Due to all the positive media attention that Thein Sein and his government have received, there is a spreading belief among international donors that Burma is soon to be a free and peaceful country. Whilst ceasefire agreements have indeed been signed with several ethnic armed groups, these ceasefires remain fragile and unpredictable, the peace process has stalled, fighting rages on in Kachin and Shan States, human rights violations continue, around 400,000 remain internally displaced in southeast Burma, and 110,000 still reside in refugee camps on the Thailand-Burma border.
International donors have, however, recently been pouring resources into central Burma without considering the needs that local CBOs on the Thailand-Burma border have been addressing for decades. Regrettably, much of this funding increase has come at a cost for ethnic organisations along the border (Naw Noreen, July, 2013; Saw Yan Naing, May, 2012). According to Kevin Malseed, program manager for the Canadian social justice organisation, Inter Pares, “Cutting off assistance to border-based and cross-border groups to channel aid only through Rangoon would throw away the positive results of 20 years of support (Saw Yan Naing, May, 2012).” He added that “it is extremely naïve and counterproductive to drop cross-border aid and initiatives to ‘reinvent the wheel’ in Rangoon.’ ” With several aid organisations and nations cutting support to organisations based along the Thailand-Burma border, nearly everyone on the border has been affected. The work of ethnic and government-critical organisations has been severely hampered, and the people on the border increasingly silenced.
Widespread cuts have not spared long-standing aid providers such as the Mae Tao Clinic (MTC) in Mae Sot, which issued an emergency funding appeal in July 2012 after treating hundreds of thousands of Burmese patients for free for over two decades. The situation worsened significantly in November 2013 when the Australian government announced that it will cut all of the AUSD 450,000 funding it gives to the clinic due to shifting their priority to prepare for refugee repatriation (Karen News, November, 2013). Whilst it is frightening that the Australian government would spend a significant amount to prepare for premature repatriation, shifting aid is also a huge setback for the thousands of people who keep travelling great distances to receive medical treatment at the clinic. Dr Cynthia Maung – the legendary founder of the MTC who ironically was in Australia receiving an award when she received the devastating news – pointed out that it will be years before Burma’s under funded health infrastructure will be capable of properly treating its citizens. (You can donate to the clinic here).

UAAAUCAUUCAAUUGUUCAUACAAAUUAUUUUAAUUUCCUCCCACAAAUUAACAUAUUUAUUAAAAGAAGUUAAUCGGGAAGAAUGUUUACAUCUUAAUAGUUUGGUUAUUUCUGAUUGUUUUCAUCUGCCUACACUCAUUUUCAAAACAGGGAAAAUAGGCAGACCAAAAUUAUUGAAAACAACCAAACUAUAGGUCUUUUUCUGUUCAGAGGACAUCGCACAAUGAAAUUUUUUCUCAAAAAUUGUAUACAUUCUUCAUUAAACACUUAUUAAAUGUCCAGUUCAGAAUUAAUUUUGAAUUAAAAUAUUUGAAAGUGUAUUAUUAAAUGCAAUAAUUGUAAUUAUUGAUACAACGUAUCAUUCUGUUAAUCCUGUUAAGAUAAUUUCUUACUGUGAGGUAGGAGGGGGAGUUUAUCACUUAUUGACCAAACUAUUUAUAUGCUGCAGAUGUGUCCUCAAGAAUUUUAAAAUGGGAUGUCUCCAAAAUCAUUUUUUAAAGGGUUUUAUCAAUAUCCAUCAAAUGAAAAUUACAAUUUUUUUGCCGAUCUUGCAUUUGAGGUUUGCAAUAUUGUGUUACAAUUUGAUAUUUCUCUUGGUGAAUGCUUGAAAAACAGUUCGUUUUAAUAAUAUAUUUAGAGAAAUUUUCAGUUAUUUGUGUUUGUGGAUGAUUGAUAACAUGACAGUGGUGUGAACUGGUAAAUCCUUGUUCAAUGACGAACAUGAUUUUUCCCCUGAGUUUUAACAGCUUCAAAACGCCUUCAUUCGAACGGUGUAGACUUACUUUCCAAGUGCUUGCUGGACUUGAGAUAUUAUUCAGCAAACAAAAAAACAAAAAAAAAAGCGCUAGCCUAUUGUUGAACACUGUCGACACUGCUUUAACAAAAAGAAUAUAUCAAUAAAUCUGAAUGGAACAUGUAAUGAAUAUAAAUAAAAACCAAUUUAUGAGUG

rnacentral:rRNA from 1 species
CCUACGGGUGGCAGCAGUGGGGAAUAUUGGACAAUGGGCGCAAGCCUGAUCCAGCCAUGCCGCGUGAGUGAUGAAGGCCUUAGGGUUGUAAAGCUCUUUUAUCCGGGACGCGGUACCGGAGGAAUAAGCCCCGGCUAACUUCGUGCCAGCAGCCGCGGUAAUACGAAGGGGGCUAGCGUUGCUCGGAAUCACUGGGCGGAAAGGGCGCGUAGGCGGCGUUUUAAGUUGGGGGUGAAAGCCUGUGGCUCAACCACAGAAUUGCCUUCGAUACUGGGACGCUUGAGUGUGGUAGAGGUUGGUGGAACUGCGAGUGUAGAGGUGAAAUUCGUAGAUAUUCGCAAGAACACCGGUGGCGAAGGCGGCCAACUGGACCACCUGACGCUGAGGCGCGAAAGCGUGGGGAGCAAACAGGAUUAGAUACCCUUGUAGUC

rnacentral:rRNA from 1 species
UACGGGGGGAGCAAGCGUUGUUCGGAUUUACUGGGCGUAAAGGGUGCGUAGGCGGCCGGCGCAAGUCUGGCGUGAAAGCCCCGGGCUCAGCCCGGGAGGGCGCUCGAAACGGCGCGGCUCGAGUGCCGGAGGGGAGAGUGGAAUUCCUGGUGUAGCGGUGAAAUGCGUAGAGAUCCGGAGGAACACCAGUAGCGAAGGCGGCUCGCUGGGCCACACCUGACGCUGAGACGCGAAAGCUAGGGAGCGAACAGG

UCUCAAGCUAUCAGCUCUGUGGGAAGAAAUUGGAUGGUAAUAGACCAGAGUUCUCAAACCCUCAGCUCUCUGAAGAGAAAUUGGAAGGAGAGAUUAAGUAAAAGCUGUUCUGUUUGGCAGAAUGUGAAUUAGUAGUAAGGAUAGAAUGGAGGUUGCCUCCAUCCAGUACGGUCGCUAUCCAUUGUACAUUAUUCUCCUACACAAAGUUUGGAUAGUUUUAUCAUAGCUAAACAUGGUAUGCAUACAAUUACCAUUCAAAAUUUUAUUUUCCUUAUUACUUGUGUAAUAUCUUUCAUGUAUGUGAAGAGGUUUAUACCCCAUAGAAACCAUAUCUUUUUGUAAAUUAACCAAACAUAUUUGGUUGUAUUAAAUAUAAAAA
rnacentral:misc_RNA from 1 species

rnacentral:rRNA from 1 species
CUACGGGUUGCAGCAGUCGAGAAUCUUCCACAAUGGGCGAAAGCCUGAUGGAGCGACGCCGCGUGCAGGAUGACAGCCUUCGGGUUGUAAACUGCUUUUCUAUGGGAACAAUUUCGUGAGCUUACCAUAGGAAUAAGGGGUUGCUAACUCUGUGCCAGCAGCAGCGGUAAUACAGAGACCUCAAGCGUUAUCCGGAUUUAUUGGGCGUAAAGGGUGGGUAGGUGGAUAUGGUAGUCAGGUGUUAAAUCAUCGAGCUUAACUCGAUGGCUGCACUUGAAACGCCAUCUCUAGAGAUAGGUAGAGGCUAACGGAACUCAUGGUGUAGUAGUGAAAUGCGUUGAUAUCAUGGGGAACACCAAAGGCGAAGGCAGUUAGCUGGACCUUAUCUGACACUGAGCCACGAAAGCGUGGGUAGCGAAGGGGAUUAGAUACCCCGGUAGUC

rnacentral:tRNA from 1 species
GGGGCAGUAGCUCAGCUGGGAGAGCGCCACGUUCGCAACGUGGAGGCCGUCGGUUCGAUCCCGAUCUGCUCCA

The TBC has also been severely affected by funding cuts, which have forced the consortium to cut food rations and cease the provision of all non-food items, with the exception of cooking stoves and donated items, even to new arrivals (TBC, 2013a). In September 2013, TBC announced cutting food rations to refugees due to reductions in funding (TBC, September, 2013). Refugees say it is becoming increasingly difficult to survive in the camps and many now facing a bleak situation, feeling forced to return to Burma. Many local organisations, such as the KWO, have also condemned the funding cuts affecting refugees (Karen News, May, 2014). Furthermore, as the Thailand-Burma border is where many organisations work to arrange aid to the poorest and most oppressed areas in southeast Burma, funding cuts on the border have affected the aid reaching vulnerable IDPs.
In early April 2012, 26 Burmese frontier organisations gathered in Chiang Mai for a meeting to discuss the future of cross-border aid and appeal for fresh donations from charity groups (Lawi Weng, April, 2012). In June 2013, more than 150 representatives and observers from 40 Karen organisations from inside Burma, along the Thailand-Burma border, and overseas, voiced their concern that there has been a significant decrease in humanitarian aid for communities at risk in the Karen state (Karen News, June, 2013). The KWO and the Karen Education Department (KED), for example, said that international humanitarian aid that they have been receiving has decreased by as much as a half. The representatives strongly urged the international community to continue its cross-border humanitarian assistance until real peace is achieved in Burma.